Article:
This year I’m doing something new. Because I am super conscious of waste, plastic use, and wasteful spending in general, I decided not to use the starter kits from the garden center. I’m using recycled materials like egg cartons and cardboard. I also decided to buy a special compost mix from my Amish farmer to add to my garden for nourishment. Haven’t you ever wondered about what’s in that commercial compost mix? Me too. I’m not using it. I totally trust my Amish farmer and his goat compost mix. Yippee! Making your own compost is best because you know exactly what’s in it. However, not all of us are able to compost due to space or HOA restrictions. I have my compost hidden so my HOA has no idea it exists. However, I had an issue with poison ivy infesting my pile. There is conflicting data about whether poison ivy can compost without infecting the rest of the garden. I am not taking the chance. Instead, I am buying it from my trustworthy farmer.
Materials Needed to Start Your Seeds Indoors
- Gloves (optional)
- Eggshells and egg cartons OR saved cardboard tubes from paper towel or toilet paper rolls.
- Compost and/or starter seed mix
- Plastic wrap or glass to cover your seeds and create a greenhouse effect
- Filtered water
- Plenty of sunlight (10-12 hours a day – a window in a room with southern exposure is ideal) or use a special florescent light.
- Heating pad (optional, but very effective to get the most seeds to germinate)
How to Start Your Seeds Indoors
1) Use a pin to poke a hole in the bottom of the eggs shells.
2) Fill shell with moistened seed starter mix and a little compost (if you have it).
3) Poke a hole in the soil and place two or three seeds, then cover seeds with soil.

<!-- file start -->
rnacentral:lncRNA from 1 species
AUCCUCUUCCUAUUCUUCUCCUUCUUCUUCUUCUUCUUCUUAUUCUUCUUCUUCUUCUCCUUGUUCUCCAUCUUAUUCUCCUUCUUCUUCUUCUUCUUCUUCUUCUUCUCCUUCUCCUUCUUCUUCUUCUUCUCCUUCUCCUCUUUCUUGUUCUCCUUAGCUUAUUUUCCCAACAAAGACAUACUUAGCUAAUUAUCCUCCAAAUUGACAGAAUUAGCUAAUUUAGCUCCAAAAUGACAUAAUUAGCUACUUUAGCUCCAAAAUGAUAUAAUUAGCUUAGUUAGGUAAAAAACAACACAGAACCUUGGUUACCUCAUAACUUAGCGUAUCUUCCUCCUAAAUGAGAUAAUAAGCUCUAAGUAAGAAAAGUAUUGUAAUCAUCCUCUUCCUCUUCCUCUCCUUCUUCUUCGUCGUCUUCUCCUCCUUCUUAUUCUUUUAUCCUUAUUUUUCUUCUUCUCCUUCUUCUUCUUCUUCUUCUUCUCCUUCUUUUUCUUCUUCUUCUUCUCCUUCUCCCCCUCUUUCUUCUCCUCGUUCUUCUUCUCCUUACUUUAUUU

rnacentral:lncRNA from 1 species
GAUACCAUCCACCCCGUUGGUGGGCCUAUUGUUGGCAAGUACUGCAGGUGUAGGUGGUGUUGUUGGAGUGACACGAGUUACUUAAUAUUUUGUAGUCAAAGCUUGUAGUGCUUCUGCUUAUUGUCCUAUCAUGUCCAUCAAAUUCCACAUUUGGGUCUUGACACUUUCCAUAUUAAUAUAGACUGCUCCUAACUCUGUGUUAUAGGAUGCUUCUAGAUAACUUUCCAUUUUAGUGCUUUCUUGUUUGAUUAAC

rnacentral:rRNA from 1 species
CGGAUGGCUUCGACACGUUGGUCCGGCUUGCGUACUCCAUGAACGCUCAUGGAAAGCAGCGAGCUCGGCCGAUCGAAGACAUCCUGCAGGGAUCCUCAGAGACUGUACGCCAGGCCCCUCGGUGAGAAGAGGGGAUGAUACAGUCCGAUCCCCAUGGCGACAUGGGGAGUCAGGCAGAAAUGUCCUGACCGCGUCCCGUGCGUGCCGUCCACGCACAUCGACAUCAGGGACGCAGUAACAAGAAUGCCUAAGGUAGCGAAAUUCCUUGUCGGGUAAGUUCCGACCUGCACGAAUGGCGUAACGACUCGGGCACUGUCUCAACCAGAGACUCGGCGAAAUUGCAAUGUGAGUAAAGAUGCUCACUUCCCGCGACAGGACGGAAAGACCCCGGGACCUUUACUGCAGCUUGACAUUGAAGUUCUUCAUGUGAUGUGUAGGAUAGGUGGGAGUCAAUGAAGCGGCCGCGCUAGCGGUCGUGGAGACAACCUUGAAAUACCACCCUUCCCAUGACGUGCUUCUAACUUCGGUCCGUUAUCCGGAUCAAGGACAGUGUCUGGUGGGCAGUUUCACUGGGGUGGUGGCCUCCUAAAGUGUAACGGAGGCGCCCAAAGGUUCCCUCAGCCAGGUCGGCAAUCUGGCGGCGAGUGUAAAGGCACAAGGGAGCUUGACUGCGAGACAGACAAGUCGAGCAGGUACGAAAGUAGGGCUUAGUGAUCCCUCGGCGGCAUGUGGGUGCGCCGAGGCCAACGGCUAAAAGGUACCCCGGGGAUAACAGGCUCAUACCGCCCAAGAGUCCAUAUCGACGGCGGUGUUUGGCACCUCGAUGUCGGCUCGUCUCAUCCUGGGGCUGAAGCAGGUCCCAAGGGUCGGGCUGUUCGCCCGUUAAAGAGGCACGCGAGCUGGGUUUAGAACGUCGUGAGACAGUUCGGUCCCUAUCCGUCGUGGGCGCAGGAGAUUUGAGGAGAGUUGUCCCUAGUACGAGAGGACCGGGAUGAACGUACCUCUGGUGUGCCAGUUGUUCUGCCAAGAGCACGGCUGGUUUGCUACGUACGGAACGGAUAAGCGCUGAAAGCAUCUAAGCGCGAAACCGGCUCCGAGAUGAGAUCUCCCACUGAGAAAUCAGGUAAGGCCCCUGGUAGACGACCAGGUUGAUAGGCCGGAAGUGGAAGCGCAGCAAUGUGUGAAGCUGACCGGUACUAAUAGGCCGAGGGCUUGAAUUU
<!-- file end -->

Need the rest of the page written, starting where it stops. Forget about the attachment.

4) Label the seed that you put into the egg along with the date. (This is a VERY important step!!)
5) Cover with plastic wrap or glass and leave covered until the sprouts start to touch the glass/plastic.
6) Only remove plastic after most of the seeds have sprouted. Check moisture but do not over water. Soil mix should be moist to the touch. I usually mist my sprouts once or twice a week and they do just fine. They may dry out quickly if you have the plants next to a heat source. Keep an eye out for this.
7) Over the next few weeks I will do a few more trays of seed so that I can have successive plantings to keep certain crops, like beans, from disappearing in early summer. I like to have a full summer of harvesting veggies that only yield for a short time.
Certain Seeds Do Not Do Well When Started Indoors
These veggies are best planted in the soil and not started indoors:
Dill – start in spring, just before last frost
Spinach – starts in early spring; it grows well in cooler temperatures
Kale- starts in early spring; it grows well in cooler temperatures
Chard -starts in early spring; it grows well in cooler temperatures
Carrots – starts in early spring; it grows well in cooler temperatures
Beans – start when ground temperature is a consistent 50 degrees or more. Frost will kill.
There might be others (like potatoes and other root veggies), but the ones above are the types that I have found to be ornery with an indoor start. One of the biggest drawbacks to starting seeds indoors is the amount of space that it takes on my table. From March through May my morning room is loaded with seedlings and starter stuff. Honestly, I hate looking at the clutter, but I find the two months of inconvenience well worth it when I am able to harvest a month earlier than most people in the area. It’s awesome that I can get tomatoes as early as the middle of July!